MaineHealth will close its clinic that treats patients with long-term COVID effects in January.
In a statement, the health care system said patients with long COVID are best served by a primary care provider who has a full picture of their medical history, rather than a separate post-COVID clinic.
The Portland-based clinic hasn’t accepted referrals since the beginning of September.
Long COVID is generally defined as having symptoms that persist for more than four weeks after an acute COVID infection. Symptoms include fatigue, brain fog, dizziness and changes in smell or taste.
The U.S. Centers for Disease Control and Prevention estimates that 1 in 13 adults in the country have long COVID.
Though MaineHealth is closing its clinic, it’s still recruiting participants for a study on long COVID.
Speaking on Maine Calling Tuesday, Dr. Cliff Rosen, MaineHealth’s principal investigator for the national RECOVER study, said 100 participants have been recruited but 50 more are needed. Rosen said they’re looking for people with a range of experiences with COVID, from individuals with long-term symptoms to those who haven’t had any symptoms.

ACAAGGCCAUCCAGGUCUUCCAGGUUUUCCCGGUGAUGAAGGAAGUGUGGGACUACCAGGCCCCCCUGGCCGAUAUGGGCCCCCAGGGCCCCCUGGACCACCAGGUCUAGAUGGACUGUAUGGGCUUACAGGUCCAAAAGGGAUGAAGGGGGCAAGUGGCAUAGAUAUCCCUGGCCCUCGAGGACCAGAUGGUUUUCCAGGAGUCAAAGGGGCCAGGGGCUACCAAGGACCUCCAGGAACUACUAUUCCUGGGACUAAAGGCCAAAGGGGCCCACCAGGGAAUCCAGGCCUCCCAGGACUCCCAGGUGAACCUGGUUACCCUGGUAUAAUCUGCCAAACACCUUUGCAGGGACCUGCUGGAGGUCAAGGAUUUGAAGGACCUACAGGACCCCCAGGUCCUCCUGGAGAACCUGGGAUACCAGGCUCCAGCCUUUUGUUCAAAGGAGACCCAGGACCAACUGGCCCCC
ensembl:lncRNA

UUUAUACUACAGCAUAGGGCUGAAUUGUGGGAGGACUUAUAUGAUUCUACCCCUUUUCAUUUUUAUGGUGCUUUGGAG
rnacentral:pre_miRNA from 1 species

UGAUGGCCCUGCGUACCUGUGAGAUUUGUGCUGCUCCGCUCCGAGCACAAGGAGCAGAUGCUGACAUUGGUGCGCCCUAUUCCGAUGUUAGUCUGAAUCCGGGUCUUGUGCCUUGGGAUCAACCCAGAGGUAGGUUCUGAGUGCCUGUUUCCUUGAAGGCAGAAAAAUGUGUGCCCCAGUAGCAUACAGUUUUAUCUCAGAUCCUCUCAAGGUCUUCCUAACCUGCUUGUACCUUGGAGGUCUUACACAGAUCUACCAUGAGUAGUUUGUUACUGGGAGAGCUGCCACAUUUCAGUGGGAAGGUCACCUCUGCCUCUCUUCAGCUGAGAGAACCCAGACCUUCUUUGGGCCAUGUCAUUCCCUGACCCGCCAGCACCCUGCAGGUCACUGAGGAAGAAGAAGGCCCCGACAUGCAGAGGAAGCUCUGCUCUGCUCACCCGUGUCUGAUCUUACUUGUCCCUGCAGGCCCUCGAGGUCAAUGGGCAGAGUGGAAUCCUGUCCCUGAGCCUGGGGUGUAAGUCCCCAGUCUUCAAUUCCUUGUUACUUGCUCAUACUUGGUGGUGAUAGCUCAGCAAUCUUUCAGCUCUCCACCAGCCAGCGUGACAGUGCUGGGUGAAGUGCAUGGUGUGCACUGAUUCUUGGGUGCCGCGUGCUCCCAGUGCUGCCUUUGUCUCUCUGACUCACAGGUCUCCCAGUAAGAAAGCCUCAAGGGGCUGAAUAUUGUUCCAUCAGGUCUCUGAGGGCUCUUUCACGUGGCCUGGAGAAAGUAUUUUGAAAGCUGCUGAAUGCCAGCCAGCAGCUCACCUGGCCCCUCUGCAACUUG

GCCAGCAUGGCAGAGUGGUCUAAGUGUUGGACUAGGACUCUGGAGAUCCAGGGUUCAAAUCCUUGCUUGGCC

“These are important subgroups because we need to understand who is it that is not recovering from this infection,” Rosen said.
Rosen said it’s not yet clear what causes long COVID, and more education is needed to help primary care physicians stay up to date on how best to help patients.
This article appears through a media partnership with Maine Public.